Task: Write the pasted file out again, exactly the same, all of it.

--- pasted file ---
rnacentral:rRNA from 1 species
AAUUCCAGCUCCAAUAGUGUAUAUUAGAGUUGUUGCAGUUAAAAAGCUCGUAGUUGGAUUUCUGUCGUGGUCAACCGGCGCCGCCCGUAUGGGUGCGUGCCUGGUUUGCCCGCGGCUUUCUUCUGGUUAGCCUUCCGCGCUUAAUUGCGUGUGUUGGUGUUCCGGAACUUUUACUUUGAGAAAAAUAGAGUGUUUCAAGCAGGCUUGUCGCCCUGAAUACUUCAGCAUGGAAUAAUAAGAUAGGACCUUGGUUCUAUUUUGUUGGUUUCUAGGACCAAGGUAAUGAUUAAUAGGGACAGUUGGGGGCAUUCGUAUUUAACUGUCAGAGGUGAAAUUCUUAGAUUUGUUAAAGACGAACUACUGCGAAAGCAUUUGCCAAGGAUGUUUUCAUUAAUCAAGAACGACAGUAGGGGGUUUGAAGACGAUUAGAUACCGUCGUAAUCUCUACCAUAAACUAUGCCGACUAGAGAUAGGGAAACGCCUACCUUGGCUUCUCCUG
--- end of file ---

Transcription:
rnacentral:rRNA from 1 species
AAUUCCAGCUCCAAUAGUGUAUAUUAGAGUUGUUGCAGUUAAAAAGCUCGUAGUUGGAUUUCUGUCGUGGUCAACCGGCGCCGCCCGUAUGGGUGCGUGCCUGGUUUGCCCGCGGCUUUCUUCUGGUUAGCCUUCCGCGCUUAAUUGCGUGUGUUGGUGUUCCGGAACUUUUACUUUGAGAAAAAUAGAGUGUUUCAAGCAGGCUUGUCGCCCUGAAUACUUCAGCAUGGAAUAAUAAGAUAGGACCUUGGUUCUAUUUUGUUGGUUUCUAGGACCAAGGUAAUGAUUAAUAGGGACAGUUGGGGGCAUUCGUAUUUAACUGUCAGAGGUGAAAUUCUUAGAUUUGUUAAAGACGAACUACUGCGAAAGCAUUUGCCAAGGAUGUUUUCAUUAAUCAAGAACGACAGUAGGGGGUUUGAAGACGAUUAGAUACCGUCGUAAUCUCUACCAUAAACUAUGCCGACUAGAGAUAGGGAAACGCCUACCUUGGCUUCUCCUG